Peugeot 407 Saloon (2004 - 2008) review
Read the Peugeot 407 saloon (2004 - 2010) car review by Auto Trader's motoring experts, covering price, specification, running costs, practicality, safety and how it drives.
Interested in buying Peugeot 407?
After the purity of the 406, the Peugeot 407 is somewhat brutal, but it’s far from ugly. The car’s silhouette works well whatever the body style, with the coupé looking especially good. If there’s one point that jars in the eyes of many, it’s the gaping grille, but other than this there’s nothing controversial about the 407’s design.
Your heart is unlikely to skip a beat when you climb into the 407’s cabin, but it’s not a bad place to spend hour after hour thanks to the amount of standard equipment, the space and also the decent ergonomics. The seats are comfortable and supportive with reasonable amounts of leg room front and rear – and nobody should find the head room lacking either. The design is pretty good too; gone are the days when family motoring was synonymous with humdrum. Peugeot’s design team has introduced a host of ways to brighten up the 407’s interior, with plenty of bright trim, a large multimedia screen at the top of the centre console and clear instrumentation that’s easy to read at a glance.
It’s a shame that Peugeot doesn’t offer the 407 in hatchback form, because this is the body style of choice for most Brits. However, the saloon offers reasonable practicality with 407 litres of luggage space. This is some way behind rivals including the Ford Mondeo, which has a 535-litre boot.
Ride and handling
While Peugeots have always been biased towards an ultra-cossetting ride at the expense of some handling sharpness, the 407 shifts the balance a little. It’s still more comfortable than many rivals, but there’s an edge to the ride which the 407’s predecessors didn’t have. This is no bad thing though, because the car still rides very well on the UK’s badly scarred roads, yet it handles decently too. It’s not sharp enough to scare the Mondeo, but that car doesn’t enjoy the suppleness of the Peugeot – so if comfort is top priority, this could be just the car.
There are plenty of engines to choose from. As tested here, the 2.2HDi is the best all-round unit if you want strong performance with manageable running costs. The twin-turbo engine, developed in conjunction with Ford, offers significantly more power and torque (168bhp and 277lb ft respectively) than the 2-litre HDi (138bhp and 250lb ft), with much greater flexibility and hardly any fuel consumption penalty (45.5mpg against 47mpg).
As with most volume cars, the biggest cost of running a 407 is the massive depreciation; let someone else take the hit and you’re laughing. Get your 407 at the right price and the rest of the running costs shouldn’t prove too steep. The 1.6-litre HDi is the engine to go for if economy is your key priority; it’s also a sweet unit that revs happily but predictably doesn’t offer especially stirring performance. This engine will officially return just over 50mpg, which isn’t much more than the 2-litre HDi or the 2.2-litre HDi. Other running costs are also reasonably manageable, with servicing required every two years or 20,000 miles, apart from the 1.6-litre HDi, in which case the latter figure is every 12,500 miles.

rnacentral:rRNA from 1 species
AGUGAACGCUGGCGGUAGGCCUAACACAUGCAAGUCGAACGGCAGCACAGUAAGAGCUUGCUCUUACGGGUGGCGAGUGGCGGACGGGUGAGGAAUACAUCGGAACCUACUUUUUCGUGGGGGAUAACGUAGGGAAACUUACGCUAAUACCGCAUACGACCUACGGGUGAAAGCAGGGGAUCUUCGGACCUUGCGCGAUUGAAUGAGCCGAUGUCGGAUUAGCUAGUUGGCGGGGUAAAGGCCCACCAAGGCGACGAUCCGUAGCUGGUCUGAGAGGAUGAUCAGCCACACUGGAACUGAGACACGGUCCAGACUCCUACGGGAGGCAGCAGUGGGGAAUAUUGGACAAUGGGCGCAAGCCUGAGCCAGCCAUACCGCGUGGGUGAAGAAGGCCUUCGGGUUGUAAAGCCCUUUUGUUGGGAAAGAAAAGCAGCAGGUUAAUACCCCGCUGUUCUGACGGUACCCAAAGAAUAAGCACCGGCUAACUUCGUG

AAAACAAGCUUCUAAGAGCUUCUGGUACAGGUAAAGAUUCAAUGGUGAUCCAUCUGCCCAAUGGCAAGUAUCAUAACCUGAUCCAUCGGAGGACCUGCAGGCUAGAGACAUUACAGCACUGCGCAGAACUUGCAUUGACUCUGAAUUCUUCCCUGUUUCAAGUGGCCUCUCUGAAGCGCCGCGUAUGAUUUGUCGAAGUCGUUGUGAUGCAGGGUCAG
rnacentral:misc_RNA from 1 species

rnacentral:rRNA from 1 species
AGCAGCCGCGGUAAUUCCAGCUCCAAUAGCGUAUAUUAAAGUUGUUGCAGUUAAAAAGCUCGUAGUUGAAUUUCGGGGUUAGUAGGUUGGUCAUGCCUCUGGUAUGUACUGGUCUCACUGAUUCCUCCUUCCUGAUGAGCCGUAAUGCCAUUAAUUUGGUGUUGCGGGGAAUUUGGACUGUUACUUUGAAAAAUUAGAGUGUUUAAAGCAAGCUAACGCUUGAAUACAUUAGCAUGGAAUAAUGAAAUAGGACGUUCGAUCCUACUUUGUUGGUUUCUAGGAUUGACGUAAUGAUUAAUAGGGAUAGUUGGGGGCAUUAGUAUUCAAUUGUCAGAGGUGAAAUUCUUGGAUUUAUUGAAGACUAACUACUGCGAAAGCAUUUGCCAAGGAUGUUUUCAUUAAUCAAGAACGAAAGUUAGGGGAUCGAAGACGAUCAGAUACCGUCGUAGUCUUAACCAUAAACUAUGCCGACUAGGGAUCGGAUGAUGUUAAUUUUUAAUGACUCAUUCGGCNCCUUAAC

You don’t have to spend much money to buy a family car that’s got a good reputation for reliability – which can be a bit of a problem for Peugeot because most of its recent cars can suffer from all sorts of niggling faults. Unfortunately, that includes the 407 in its various guises. For example, diesel 407s with a six-speed automatic gearbox can cut out for no apparent reason; it’s down to a faulty electronic control unit. Also, warnings of ABS and ESP faults can be down to faulty sensors or genuine problems, but it can also be because a wheelbearing needs replacing. Clutches tend to be short-lived because the release bearing isn’t up to the job, while clonks from the front usually indicate excessive wear in the front suspension ball joints. The central dash display can also fail, and the electrical management system can play up, leading to constant warnings about faulty bulbs, malfunctioning ABS, incorrect tyre pressures and more.
This is a strong card for the 407, thanks to a raft of standard-fit safety kit plus a strong bodyshell that’s enabled a five-star EuroNCAP crash test score to be notched up. Not only is ESP standard on all 407s, but so too are driver, passenger, side, curtain and steering column airbags.
This is another area in which the 407 scores highly – and especially since its 2009 model year facelift. There was already a lot of standard equipment for all 407s, but the mid-life refresh increased the kit count further. All 407s get remote central locking, powered windows all round, climate control and an ultrasonic alarm as standard, but we’d suggest you jump to the high-value SE models for much more standard equipment such as alloy wheels, a multimedia system with sat-nav, parking sensors all round and dual-zone climate control.
As an overall package, the 407 is very enticing, despite the spectre of iffy reliability. Comfort, safety, space and equipment comes as standard with all 407s. It would be daft not to at least consider a 407.